sil_diam.gif - 0.9 K  How to Safely Clean Cemetery Monuments  sil_diam.gif - 0.9 K
Information Submitted by & Copyright 2012, Karen Johnson-Heber
Ohio laws pertaining to cemeteries under the jurisdiction of townships can be found in Ohio Revised Code (ORC) Chapter 517; ORC Chapter 759 pertains to cemeteries under the jurisdiction of municipalities (cities, villages and joint municipal/township cemeteries); ORC Chapter 1721 pertains to cemeteries under the jurisdiction of (private) cemetery associations. The ORC is available

According to ORC Chapter 2909.05, vandalism and other offenses against burial places is a fourth degree felony. Defacing a military monument is a 3rd degree felony.

NOTES: (1) My instructions to clean a bronze monument. I provided this to the cemetery townships caretakers for bronze monuments which are normally military monuments.

(2) First thing before doing any cemetery monument cleaning is first get written permission to do any cemetery monument cleaning or preservation in a cemetery. The 2nd rule of thumb is to make sure you have access to water. The 3rd rule of thumb is to “DO NO HARM”.

(3) Remember above all else desecrating a military monument is a 3rd degree felony.

(4) Non-military monuments belong to the families of the interred ones, not the cemetery. These are private property even though they are located in a public cemetery. Both can press charges for desecrating any monument for any reason.

(5) I went to a Memorial Monument company here in Georgia and asked how I should go about cleaning monuments to clean them and what should I use. I am sure you can contact any memorial monument company and see what they say.

How to Clean Bronze Cemetery Monuments
#1: Manufacturers seal the bronze during the construction process with a protective coating that often deteriorates after years of exposure to wind, rain and natural elements. Once the sealant wears off, monuments begin to develop a natural grayish-green patina which makes them to look dull and the gold tint begins to flake off.
#2: Things I take with me to clean a bronze monument:
  1. Soft cloths
  2. Nylon brush
  3. Toothbrush
  4. Water-access to water (I use a large pump lawn sprayer with clear water)
  5. Bucket
  6. Terrycloth towels
  7. Mineral oil
  8. WD-40
#3: Steps to Clean A Bronze Monument:
  1. Remove any leaves or debris lying on top of monument before cleaning.
  2. Lightly use soft bristle brush to remove surface dirt and grime with clear water (no chemicals) and a soft nylon brush on large flat areas of the monument. Get in between lettering and decorations with a toothbrush to remove embedded grime.
  3. Rinse monument with water and dry with a soft terrycloth towel.
  4. Dampen a soft cloth with mineral oil and apply to the surface of the monument. Carefully and evenly applying to the surface of the monument.
  5. Remove residual oil with a clean cloth, taking special care around the lettering.
  6. Finish with a light application of WD-40 to put a sheen on the monument to protect it from the elements. Periodic re-application of a protectant with a soft cloth is recommended to keep the monument looking bright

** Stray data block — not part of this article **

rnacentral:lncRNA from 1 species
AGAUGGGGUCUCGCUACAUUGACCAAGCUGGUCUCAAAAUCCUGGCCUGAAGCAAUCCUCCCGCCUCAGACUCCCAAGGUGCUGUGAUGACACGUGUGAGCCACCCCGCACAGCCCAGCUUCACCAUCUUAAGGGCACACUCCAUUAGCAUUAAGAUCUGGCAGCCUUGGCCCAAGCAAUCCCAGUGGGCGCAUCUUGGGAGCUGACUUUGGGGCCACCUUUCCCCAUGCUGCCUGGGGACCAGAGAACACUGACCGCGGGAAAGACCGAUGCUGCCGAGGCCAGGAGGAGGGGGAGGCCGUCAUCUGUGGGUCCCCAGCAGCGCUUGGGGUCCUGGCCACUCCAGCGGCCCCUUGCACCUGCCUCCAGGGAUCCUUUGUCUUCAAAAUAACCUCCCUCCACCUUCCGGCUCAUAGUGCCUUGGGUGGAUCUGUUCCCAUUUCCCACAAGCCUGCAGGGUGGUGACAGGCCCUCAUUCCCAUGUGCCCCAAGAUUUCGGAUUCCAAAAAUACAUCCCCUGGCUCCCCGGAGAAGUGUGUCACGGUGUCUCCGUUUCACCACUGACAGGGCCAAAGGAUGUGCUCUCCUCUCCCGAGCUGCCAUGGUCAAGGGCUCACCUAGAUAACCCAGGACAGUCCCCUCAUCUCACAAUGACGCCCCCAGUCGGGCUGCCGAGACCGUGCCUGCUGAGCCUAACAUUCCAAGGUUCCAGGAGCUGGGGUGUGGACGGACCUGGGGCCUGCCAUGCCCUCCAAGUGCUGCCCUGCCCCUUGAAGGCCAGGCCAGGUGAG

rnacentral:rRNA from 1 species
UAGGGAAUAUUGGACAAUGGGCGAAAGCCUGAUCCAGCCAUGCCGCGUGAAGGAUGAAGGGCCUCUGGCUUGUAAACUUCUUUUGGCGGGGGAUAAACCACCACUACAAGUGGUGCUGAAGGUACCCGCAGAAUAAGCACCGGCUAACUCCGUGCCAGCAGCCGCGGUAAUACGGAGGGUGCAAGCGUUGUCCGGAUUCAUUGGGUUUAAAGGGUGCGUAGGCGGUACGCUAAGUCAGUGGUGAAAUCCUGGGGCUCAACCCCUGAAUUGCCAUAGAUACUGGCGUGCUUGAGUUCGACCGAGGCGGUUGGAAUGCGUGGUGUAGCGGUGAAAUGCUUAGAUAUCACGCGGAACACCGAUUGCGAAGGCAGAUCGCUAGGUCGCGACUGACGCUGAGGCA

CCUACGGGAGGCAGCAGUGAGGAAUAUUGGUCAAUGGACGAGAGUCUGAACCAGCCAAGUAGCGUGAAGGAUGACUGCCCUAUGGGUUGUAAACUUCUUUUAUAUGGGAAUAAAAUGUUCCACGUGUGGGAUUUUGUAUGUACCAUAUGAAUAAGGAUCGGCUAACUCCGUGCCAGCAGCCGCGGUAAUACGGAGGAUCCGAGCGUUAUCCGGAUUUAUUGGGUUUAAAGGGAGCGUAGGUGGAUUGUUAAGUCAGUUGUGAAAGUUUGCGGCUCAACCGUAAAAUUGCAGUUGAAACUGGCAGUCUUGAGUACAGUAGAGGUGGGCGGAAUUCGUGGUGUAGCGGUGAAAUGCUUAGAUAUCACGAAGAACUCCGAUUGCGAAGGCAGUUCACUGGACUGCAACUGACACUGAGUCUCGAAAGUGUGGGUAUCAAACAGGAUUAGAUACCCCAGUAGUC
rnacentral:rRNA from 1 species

How to Clean Other Cemetery Monuments
#1: I use a 1 part shock (can be purchased at a pool supply store) to 4 parts water. I use a 2 gallon sprayer like you find in the garden center. I also have one with clear water, Most cemeteries have a water faucet. Do not use shock on the white limestone monuments, it will disinigrate them.
#2: I spray it on the monument and let it set on the monument for a minute, then use a soft bristle brush to scrub away the moss and lichens. Then I rinse and let dry.
#3: For copper military monuments I use mineral oil. This does not change the color of the monument. I have a small spray bottle. I spray a little on the monument and use a cloth to wipe the monument off. I do not rinse this off. Mineral oil keeps the monument protected.
#4: The white limestone monuments are more difficult. They are poreous and need to breath so putting anything on them and leaving it will cause the stone to deteriorate faster. So I usually on spray only on the area I need to read.
EXAMPLES: Snapp, William - Before | Snapp, William - After

Wert, Hiram - Before | Wert, Hiram - After

Many Thanks to Karen Johnson-Heber for her time and expertise!

oakleaf2.gif - 1.7 K Let's work together in this endeavor!oakleaf3.gif - 2.2 K

This Project is about remembering our dead and preserving our history!!

If you would like to transcribe data for this Project, or you have already done cemetery surveys and would like to share that work with the world, please let us hear from you.

All Cemetery Surveys, Gravestone Inscriptions, Tombstone Photos and other files related to cemeteries are posted in the OHGenWeb Archives. It is not necessary to submit files to both the Tombstone Transcription Project and the OH Archives.

Please understand, I am unable to respond to queries about ancestors, cemeteries, or do lookups! If a cemetery is not listed, we do not have any information available.

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National Tombstone Transcription Project Manager is Rebecca Maloney 

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